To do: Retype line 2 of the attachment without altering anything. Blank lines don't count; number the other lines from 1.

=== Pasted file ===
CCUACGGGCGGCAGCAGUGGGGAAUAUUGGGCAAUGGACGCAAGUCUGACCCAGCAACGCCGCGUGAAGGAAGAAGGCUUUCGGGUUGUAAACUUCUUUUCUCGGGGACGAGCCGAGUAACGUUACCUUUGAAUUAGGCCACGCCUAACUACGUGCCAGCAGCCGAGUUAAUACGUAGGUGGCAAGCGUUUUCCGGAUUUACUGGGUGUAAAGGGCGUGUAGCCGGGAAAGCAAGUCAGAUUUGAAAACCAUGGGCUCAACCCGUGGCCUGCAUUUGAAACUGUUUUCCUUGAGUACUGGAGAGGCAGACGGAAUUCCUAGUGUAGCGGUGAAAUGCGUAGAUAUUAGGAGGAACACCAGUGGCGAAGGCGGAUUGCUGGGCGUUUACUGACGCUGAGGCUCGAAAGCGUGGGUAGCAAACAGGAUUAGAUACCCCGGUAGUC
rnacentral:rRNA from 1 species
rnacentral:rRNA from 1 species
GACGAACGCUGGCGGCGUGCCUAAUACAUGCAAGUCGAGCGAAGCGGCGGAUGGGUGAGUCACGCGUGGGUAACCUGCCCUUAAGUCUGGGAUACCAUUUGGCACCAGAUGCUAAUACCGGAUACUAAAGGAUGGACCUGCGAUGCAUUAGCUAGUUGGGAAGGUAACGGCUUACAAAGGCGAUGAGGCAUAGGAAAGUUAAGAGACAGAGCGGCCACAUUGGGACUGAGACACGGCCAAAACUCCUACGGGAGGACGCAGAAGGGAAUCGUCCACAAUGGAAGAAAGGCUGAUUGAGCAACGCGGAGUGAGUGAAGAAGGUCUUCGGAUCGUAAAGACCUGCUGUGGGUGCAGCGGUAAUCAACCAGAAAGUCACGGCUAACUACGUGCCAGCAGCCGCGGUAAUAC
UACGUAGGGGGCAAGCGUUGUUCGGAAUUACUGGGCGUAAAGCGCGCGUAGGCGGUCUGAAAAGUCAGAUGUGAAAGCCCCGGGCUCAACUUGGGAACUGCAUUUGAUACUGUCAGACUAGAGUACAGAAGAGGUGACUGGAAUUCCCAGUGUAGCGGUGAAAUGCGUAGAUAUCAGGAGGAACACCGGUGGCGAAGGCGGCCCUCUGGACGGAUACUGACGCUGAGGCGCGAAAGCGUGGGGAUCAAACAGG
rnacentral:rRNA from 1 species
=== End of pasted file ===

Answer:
rnacentral:rRNA from 1 species